Staying persistent and positive are probably the two most important things for entrepreneurs to do. Sometimes this is difficult when facing 100 NOs in a row. However, if you understand the law of averages in the scenario you are facing, 100 NOs may mean you are 90% of the way to YES! Staying persistent and positive after each NO is easy if you know this ratio up front.
This is more or less the insight I gleaned from reading a blog post written by the founder & CEO of Buffer, Joel Gascoigne. Joel calls this concept Ratio Thinking. He states:
As soon as I accepted that the whole world works in ratios, that’s when it became easier. Knowing that success happens in ratios allowed me to go ahead and send that email, without worrying about not getting a response, about ‘failing’.
Read Joel’s full blog post here.
My Example of Staying Persistent and Positive Using Ratio Thinking
Applying Joel’s thinking to my situation right now was easy. I write one blog post everyday. I have done this for 50 days in a row at this point, with today being my 51st day. Looking at my numbers, I have had 14 breakout days where visitor traffic spiked. Using Joel’s ratio thinking I now know that it takes about 4 days to have a breakout day.
Now, I can stop worrying about my traffic numbers everyday. I can also stop feeling disappointed when I write a post that doesn’t breakout. Instead, I will stay persistent and positive each day. I will keep my focus on writing inspiring and insightful commentary and let the universe take care of the rest.
Can using ratio thinking change your outlook on something? Can it even change your life? Maybe, maybe not, but it’s worth a try. What ratio can you find in your life that will help you stay persistent and positive? Please share.
Low hanging fruit is not as good as the fruit at the top of the tree. True of false?
The answer is not what you think because obviously I’m not talking about real fruit. I’m talking about the fruit of your labor. In this case, the answer is true and let me explain why.
We all know what the metaphor of going after low hanging fruit means. It means eliminating the most difficult, risky opportunities and instead perusing the easiest opportunities. The problem with this is that the most difficult and risky opportunities are where the biggest wins live. At the top of the proverbial tree is where greatness is achieved. It’s where breakthroughs happen.
Going after low hanging fruit as a practice eliminates the possibility of getting a breakthrough. Going after low hanging fruit will guarantee an extraordinarily ordinary life. Going after low hanging fruit amounts to settling for less than the best.
With that said, their is a logical argument for the low hanging fruit approach. It’s that going after it is just a step in the process. However, how many times do you think people settle during this step?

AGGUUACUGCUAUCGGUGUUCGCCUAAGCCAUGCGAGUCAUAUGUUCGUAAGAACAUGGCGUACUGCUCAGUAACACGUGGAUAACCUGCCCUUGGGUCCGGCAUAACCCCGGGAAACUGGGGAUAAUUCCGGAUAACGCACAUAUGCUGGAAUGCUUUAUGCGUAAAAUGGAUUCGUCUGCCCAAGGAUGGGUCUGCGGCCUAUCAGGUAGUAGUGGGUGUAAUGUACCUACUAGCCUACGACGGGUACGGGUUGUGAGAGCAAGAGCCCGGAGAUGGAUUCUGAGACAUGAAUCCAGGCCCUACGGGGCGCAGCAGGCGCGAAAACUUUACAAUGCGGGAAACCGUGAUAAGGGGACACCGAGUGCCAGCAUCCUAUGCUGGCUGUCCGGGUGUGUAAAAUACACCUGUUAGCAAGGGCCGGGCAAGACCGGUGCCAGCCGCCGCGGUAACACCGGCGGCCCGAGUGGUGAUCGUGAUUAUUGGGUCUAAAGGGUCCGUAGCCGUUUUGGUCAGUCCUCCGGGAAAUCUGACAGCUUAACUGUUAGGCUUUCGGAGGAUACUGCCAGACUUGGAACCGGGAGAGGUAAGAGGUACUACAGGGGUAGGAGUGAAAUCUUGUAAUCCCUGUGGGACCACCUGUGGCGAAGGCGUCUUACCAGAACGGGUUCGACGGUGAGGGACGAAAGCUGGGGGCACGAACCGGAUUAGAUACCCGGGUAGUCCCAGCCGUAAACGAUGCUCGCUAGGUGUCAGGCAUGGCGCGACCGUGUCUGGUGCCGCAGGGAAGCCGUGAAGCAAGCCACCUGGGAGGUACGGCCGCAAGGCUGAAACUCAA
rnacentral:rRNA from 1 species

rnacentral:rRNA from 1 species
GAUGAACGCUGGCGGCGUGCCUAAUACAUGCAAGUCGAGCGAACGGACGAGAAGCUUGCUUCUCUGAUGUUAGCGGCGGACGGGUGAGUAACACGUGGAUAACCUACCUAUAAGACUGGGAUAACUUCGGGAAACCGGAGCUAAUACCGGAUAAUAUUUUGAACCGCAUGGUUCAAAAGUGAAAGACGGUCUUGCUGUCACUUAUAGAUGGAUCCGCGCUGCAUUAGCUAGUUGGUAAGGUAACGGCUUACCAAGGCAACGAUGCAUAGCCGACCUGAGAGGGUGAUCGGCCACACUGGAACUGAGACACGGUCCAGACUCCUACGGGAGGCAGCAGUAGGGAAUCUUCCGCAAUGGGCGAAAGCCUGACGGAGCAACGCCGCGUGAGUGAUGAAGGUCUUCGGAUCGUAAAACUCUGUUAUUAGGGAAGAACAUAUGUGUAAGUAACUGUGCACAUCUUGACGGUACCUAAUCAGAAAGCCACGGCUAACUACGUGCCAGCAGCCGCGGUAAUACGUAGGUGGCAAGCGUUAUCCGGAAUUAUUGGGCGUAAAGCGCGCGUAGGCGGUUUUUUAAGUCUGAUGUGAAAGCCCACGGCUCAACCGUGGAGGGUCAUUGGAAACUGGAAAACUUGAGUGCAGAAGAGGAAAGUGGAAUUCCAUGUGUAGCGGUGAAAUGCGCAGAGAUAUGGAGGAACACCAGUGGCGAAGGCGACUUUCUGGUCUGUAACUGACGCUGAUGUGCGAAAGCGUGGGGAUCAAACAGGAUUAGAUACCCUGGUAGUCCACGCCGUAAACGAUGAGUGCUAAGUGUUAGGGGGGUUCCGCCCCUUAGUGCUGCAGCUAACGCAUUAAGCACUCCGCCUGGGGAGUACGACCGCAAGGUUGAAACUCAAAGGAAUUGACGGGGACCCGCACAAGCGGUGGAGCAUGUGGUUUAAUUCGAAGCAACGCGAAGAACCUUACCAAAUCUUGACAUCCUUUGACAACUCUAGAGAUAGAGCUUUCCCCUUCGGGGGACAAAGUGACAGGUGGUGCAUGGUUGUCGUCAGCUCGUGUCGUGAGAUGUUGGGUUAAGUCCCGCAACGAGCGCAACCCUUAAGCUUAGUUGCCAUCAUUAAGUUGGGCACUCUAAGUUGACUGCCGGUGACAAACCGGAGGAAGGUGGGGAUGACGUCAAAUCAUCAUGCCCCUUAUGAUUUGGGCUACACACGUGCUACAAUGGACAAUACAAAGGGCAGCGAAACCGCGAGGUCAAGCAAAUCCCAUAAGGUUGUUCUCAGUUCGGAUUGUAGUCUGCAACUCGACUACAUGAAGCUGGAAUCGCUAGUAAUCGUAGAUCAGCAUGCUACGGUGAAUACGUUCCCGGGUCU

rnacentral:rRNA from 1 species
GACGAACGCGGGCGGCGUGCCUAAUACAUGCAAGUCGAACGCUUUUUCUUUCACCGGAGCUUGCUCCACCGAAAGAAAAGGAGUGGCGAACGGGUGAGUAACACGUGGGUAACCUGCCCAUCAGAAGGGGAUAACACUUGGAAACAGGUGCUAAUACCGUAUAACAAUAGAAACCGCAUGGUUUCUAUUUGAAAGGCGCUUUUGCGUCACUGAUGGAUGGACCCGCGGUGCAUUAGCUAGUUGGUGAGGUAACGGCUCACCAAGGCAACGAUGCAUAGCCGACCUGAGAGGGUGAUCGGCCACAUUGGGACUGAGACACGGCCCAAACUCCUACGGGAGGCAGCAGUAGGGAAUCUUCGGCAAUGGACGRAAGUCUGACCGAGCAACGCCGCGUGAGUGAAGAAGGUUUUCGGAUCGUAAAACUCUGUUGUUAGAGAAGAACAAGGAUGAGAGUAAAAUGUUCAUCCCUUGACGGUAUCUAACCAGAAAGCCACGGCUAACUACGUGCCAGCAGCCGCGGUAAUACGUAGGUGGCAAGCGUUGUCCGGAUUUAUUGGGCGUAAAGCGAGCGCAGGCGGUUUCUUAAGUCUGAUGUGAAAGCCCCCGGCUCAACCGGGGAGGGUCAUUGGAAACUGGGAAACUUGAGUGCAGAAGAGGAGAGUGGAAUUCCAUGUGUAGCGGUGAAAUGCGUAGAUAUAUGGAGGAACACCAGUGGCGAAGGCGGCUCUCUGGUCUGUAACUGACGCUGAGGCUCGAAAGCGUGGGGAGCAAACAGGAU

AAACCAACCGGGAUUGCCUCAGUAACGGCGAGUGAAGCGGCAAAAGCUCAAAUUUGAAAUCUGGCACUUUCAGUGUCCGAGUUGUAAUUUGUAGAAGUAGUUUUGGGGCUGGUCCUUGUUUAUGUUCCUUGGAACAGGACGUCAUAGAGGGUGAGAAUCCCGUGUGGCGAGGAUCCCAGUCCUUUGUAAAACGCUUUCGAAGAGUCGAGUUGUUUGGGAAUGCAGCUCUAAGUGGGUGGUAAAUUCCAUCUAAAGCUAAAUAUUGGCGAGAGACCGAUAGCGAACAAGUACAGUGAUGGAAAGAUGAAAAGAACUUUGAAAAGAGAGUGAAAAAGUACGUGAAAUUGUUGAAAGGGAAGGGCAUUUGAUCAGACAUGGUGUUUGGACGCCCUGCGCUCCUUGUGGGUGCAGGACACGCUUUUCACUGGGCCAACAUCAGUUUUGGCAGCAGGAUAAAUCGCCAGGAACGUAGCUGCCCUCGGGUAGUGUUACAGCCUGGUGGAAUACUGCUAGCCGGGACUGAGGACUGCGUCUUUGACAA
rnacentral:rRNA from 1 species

Examples of When You Get Stuck with Low Hanging Fruit
- Taking a job for the sake of a check instead of figuring out how to get the job you really want
- Staying on a career path that pays well but makes you unhappy instead of finding out how to turn your passion into the career of your dreams
- Settling for a mediocre offer instead of negotiating for the offer you really need
- Staying in an unfulfilling relationship instead of facing the fear of going at it alone
- Only going on dates with people who ask you because of your fear of getting a no from the man or women of your dreams
It’s likely you know someone who is currently settling in one of the above situations who initially planned to keep working their way up to the fruit at the top of the tree. Take head and don’t fall victim. Sometimes it’s best not to waste a step in the process with the fruit that’s easiest to get as that fruit just might be the fruit that poisons your future.
Are you a small business or entrepreneur? This is a very intriguing question. Intriguing in the sense that most small business owners would call themselves entrepreneurs, but not all entrepreneurs would call themselves small business owners. Not even if their revenue is small enough to qualify as a small business in the traditional sense.
Seth Godin touches on this topic on his blog in a post titled So, what’s wrong with small business? Godin states:
The distinction I’ve always made is that an entrepreneur is trying to make money while she sleeps, and does it with someone else’s money! That she builds a business bigger than herself, that scales for a long time, that is about processes and markets. A small businessperson, on the other hand, is largely a freelancer with support, someone who understands the natural size of her business and wants to enjoy the craft of doing it every day.
I think it’s critical that you know what type of business you are building. This will drive many of the trade-offs you must make in your business.
Here are three example trade-offs driven by the small business or entrepreneur choice:
- If you need money to start, do you find an angel investor or get a loan? Entrepreneur – angel investor, Small Business – loan
- If you are not technical, should you find a technical co-founder or outsource? Entrepreneur – co-founder, Small Business – outsource
- Should you spread into multiple steams of income or focus on one core? Entrepreneur – focus, Small Business – multiple streams
Read Godin’s full post on this topic on his blog.